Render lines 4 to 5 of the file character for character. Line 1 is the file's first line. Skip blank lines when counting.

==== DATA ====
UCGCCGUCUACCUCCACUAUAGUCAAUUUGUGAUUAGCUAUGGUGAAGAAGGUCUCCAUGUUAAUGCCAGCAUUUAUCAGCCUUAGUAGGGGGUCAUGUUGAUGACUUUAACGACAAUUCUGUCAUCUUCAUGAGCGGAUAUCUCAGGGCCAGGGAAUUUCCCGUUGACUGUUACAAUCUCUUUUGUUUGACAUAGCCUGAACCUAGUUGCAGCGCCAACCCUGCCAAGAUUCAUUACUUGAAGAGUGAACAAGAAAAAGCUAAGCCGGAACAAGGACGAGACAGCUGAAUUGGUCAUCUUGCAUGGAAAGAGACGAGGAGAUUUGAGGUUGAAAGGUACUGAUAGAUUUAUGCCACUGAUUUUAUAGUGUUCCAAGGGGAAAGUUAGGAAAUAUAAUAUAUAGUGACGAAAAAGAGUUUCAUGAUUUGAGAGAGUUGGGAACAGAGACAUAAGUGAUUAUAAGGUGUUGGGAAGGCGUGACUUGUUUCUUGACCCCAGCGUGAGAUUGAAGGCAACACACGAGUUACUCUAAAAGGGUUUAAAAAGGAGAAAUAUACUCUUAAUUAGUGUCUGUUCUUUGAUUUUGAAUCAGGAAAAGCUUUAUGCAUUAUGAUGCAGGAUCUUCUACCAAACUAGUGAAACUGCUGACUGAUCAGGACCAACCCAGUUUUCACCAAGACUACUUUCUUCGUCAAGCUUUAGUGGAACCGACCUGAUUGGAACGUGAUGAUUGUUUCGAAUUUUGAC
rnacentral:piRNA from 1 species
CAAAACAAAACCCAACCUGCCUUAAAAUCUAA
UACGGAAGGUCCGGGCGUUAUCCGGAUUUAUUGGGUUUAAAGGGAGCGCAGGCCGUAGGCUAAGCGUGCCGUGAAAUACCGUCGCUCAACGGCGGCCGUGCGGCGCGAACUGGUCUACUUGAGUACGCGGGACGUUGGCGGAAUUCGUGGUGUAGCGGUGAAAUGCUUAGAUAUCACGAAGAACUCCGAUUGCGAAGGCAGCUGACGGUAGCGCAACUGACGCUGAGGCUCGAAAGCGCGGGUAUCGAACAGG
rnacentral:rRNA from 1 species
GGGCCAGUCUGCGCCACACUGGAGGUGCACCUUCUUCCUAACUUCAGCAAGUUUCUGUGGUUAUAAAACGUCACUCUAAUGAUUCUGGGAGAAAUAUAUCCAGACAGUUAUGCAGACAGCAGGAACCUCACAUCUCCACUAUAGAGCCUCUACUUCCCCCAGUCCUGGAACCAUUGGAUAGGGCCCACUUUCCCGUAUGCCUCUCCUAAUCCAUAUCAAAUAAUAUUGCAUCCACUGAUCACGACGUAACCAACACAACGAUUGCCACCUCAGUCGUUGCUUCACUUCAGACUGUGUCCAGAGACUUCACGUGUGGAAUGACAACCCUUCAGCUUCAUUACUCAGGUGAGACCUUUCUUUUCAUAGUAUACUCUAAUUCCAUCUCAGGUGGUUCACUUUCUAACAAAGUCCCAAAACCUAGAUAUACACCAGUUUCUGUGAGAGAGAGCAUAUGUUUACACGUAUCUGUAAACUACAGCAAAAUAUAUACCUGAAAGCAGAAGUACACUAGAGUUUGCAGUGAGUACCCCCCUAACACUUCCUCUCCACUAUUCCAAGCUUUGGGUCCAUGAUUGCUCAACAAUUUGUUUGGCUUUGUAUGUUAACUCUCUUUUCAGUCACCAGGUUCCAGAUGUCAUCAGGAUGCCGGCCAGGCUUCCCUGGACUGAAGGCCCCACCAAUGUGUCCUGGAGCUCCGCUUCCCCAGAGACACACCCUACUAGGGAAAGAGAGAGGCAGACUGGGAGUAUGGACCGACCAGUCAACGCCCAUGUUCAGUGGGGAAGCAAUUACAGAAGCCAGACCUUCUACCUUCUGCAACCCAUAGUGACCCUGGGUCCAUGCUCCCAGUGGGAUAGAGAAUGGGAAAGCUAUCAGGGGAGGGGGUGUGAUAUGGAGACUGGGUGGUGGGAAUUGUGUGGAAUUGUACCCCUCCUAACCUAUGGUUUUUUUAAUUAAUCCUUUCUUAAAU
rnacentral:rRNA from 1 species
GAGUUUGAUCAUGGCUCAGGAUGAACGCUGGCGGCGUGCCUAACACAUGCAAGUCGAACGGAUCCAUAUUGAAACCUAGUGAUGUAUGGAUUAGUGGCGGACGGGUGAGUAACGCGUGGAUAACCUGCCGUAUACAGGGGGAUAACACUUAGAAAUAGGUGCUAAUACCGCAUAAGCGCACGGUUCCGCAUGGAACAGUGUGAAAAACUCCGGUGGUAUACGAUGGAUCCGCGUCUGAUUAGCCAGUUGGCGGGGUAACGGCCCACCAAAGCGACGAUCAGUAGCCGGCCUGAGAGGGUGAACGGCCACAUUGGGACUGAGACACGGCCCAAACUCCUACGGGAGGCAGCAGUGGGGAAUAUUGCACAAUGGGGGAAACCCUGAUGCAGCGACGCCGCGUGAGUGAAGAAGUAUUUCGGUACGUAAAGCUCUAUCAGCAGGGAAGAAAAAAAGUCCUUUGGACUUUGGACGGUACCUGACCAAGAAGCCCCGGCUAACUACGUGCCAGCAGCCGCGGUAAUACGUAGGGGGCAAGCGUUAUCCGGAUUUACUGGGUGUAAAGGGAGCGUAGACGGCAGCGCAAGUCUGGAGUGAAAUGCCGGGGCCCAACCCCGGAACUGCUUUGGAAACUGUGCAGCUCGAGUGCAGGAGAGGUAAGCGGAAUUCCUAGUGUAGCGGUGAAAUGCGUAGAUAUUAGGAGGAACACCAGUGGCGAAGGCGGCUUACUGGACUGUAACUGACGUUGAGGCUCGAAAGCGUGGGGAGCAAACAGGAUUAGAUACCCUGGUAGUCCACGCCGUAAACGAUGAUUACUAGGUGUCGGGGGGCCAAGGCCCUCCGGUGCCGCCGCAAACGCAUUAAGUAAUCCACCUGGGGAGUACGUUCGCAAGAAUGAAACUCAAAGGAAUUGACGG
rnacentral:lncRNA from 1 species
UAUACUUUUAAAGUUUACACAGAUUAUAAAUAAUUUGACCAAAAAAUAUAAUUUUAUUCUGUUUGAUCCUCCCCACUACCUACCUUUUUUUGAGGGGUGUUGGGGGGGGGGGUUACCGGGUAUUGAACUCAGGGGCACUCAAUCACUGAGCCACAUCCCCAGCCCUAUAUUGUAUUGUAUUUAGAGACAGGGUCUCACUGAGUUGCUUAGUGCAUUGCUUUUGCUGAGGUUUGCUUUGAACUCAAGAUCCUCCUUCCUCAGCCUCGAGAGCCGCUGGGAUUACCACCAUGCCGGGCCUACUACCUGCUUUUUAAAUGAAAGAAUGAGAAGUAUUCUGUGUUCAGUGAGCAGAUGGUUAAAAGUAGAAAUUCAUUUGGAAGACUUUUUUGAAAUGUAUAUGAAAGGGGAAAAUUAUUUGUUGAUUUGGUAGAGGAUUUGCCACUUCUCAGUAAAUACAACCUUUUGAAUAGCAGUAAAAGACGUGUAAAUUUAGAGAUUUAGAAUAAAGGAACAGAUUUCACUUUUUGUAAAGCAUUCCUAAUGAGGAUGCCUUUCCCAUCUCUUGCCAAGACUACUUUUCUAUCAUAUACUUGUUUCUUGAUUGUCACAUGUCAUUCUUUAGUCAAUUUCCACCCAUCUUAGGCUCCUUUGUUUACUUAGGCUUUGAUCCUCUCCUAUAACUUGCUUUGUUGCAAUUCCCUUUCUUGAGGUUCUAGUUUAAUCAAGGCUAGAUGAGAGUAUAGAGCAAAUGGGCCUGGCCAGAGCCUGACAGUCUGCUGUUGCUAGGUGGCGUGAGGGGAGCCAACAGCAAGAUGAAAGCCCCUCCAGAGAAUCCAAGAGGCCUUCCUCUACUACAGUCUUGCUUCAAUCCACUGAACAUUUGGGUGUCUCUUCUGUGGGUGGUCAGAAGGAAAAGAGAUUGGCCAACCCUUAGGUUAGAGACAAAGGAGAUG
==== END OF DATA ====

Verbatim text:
UACGGAAGGUCCGGGCGUUAUCCGGAUUUAUUGGGUUUAAAGGGAGCGCAGGCCGUAGGCUAAGCGUGCCGUGAAAUACCGUCGCUCAACGGCGGCCGUGCGGCGCGAACUGGUCUACUUGAGUACGCGGGACGUUGGCGGAAUUCGUGGUGUAGCGGUGAAAUGCUUAGAUAUCACGAAGAACUCCGAUUGCGAAGGCAGCUGACGGUAGCGCAACUGACGCUGAGGCUCGAAAGCGCGGGUAUCGAACAGG
rnacentral:rRNA from 1 species